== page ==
The “Cloacal Kiss” occurs when the cloacae, (pronounced “kloh-ay-see”), of both hummingbirds are brought together during the brief mating procedure, which lasts only three to five seconds.

After the Cloacal kiss, the female must begin building the nest immediately.

Each brood of hummingbirds typically produces two eggs, laid on consecutive days.

The majority of hummingbirds have two broods annually, although some may have more depending on the timing of their migration and the duration of the days they spend in their breeding areas.

Rhode Island nesting hummingbirds usually have 2 broods per year but some may have time to work in a third brood.

When Should I Put Up My Feeders For Rhode Island Hummingbirds?

Rhode Island hummingbird enthusiasts should put out hummingbird feeders in late April to attract the very earliest arriving migrating hummingbirds.
The majority of Rhode Island migrating hummingbirds will arrive in June.

If migrating hummingbirds are fed when they start to arrive there is less chance of them moving on.

Hummingbird aficionados can reduce the likelihood that hummingbirds will leave the state and elect to spend the summer there by providing food for them as soon as they arrive, according to the Missouri Department of Conservation.

Approximately one week after the arrival of the male hummingbirds, the females will follow.

Other Rhode Island hummingbirds will continue to arrive until about mid-June.
Hummingbirds seen in Rhode Island after mid-June will be hummingbirds that will spend their entire summer in Rhode Island.

Make sure to use high-quality nectar solutions in your hummingbird feeders; homemade nectar works best.
See my article: Forget Commercial Hummingbird Food, Try Making Homemade Nectar
See my article: The One Thing You Need to Eliminate From a Hummingbird’s Diet

How Long Do Rhode Island Hummingbirds Stay in the State?

Rhode Island hummingbirds stay in the state for at least five months.
They will start arriving as early as April and most will be gone in October.
Some Rufous are seen in Rhode Island during winter, but most migrate south for the winter.
No hummingbird species live in Rhode Island year-round.

The general public is unaware of how tolerant hummingbirds actually are.
Some banded hummingbirds have been observed at temperatures as low as -9 degrees Fahrenheit with a wind chill of -36 degrees Fahrenheit, according to eBird.org.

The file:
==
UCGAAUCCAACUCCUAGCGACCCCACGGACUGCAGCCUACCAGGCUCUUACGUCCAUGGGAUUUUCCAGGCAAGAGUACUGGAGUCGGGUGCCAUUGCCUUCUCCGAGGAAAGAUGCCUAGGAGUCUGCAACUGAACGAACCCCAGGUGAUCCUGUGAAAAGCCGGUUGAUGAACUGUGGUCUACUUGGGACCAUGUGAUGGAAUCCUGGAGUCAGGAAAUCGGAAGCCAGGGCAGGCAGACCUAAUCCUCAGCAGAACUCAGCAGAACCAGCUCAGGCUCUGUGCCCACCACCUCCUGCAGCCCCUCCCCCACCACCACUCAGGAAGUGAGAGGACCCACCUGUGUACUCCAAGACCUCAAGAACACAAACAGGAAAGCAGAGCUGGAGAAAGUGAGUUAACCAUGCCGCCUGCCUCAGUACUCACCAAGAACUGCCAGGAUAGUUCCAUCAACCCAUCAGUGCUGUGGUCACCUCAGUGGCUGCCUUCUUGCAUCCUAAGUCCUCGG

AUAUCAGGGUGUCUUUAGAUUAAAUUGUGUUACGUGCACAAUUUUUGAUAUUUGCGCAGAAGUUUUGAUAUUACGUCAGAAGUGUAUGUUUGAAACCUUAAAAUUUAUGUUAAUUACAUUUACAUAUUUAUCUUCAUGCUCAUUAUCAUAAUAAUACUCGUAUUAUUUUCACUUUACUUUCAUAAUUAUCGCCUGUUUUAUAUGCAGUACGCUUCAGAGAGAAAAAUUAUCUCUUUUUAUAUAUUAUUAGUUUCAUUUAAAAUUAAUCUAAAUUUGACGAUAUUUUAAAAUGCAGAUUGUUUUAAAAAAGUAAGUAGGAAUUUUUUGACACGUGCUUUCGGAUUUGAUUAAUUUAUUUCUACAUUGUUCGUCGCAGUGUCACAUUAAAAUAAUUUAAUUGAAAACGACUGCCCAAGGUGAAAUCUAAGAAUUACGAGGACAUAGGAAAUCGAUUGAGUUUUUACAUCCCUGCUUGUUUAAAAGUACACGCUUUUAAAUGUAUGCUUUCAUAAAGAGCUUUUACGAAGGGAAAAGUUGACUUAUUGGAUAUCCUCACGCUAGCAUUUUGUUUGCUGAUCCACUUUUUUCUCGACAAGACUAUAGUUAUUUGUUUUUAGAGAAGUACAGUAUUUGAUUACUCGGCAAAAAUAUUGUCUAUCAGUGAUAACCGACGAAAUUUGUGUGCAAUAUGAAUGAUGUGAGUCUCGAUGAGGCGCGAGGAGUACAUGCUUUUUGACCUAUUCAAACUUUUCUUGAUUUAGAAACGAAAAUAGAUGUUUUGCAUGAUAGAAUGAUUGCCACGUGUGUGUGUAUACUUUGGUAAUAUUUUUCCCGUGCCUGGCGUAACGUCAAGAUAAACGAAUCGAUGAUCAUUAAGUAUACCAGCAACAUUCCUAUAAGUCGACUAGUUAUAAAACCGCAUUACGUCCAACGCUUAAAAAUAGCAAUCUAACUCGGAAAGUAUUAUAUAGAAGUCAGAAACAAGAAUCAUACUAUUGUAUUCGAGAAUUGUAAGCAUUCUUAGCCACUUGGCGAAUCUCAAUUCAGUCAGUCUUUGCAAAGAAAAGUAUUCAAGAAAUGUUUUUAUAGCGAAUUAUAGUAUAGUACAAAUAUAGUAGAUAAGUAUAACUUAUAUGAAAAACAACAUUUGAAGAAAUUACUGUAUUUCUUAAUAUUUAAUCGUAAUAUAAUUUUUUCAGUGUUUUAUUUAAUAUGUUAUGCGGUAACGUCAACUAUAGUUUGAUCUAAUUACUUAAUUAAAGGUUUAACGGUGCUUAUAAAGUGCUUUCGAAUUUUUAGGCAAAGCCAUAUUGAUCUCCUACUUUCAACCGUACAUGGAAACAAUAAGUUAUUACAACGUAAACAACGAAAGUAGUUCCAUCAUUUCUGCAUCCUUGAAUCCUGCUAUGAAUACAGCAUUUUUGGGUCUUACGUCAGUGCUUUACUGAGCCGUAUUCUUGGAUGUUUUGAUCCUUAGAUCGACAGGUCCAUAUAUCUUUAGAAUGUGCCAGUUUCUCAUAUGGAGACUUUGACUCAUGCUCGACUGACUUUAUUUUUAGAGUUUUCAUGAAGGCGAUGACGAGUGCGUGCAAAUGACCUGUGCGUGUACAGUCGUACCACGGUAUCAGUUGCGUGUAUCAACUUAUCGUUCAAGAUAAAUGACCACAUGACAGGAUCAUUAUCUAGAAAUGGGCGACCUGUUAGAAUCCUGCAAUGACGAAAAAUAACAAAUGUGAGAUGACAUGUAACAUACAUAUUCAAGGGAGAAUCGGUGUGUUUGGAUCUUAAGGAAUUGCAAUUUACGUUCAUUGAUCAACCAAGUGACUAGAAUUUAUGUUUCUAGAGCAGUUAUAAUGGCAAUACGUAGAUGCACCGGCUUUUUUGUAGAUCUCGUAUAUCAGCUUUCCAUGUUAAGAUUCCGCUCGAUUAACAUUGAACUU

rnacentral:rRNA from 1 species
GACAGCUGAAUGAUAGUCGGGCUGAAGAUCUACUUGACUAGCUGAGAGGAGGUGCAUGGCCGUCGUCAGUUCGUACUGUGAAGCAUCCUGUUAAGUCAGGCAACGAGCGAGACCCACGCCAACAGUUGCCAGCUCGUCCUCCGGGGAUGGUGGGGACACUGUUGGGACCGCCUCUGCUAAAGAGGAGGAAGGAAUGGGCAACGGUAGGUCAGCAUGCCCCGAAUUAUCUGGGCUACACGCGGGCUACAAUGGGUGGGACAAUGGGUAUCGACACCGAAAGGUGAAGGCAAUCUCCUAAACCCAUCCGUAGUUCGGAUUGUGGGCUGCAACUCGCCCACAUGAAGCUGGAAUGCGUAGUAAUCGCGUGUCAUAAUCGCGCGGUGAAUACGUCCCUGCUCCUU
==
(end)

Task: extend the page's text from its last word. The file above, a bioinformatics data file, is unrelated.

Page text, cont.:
Some migrating seasonal hummingbirds choose to over-winter in Rhode Island and those too old or injured to migrate will be the only likely hummingbirds Rhode Island hummingbird enthusiasts will see during the winter.

The extremely cold-tolerant Rufous hummingbird is the most probable migratory hummingbird to decide to spend the winter in Rhode Island.

In Pennsylvania, a state known for its cold harsh winters, the Valley Forge Audubon Society reports winter sightings of the Allen’s, Calliope, Rufous, and Black-chinned hummingbirds.

Because hummingbirds have such long memories, they will revisit the flowers and feeders they frequented during their spring migration and will remember them when they migrate back to the south in the fall.
See my article: Hummingbird Adaptation and Remarkable Ability to Locate Food

The most common Rhode Island hummingbird seen during the hot summer months will be the Ruby-throated hummingbird.

Finding strategies to provide your hummingbirds with cool nectar might be crucial when the summer heat becomes unpleasant and tough to handle.
See my article: How to Help Hummingbirds in Hot Weather

When Do Rhode Island Hummingbirds Leave the State?

Rhode Island hummingbirds begin leaving the state as early as the end of August and by late October they have migrated to their over-wintering areas in Mexico and Central America.
No hummingbirds live in Rhode Island year-round.

Most of Rhode Island migrating hummingbirds are gone by the end of October but a few stragglers might stay until the end of the year.

A few older hummingbirds will be the first to start the fall migration as early as late August, depending on their strength and energy, with the youngest hummingbirds finishing the fall migration by the end of October.

An article from the University of Southern Mississippi states that the hummingbirds that are the oldest will begin their migration earlier than the others.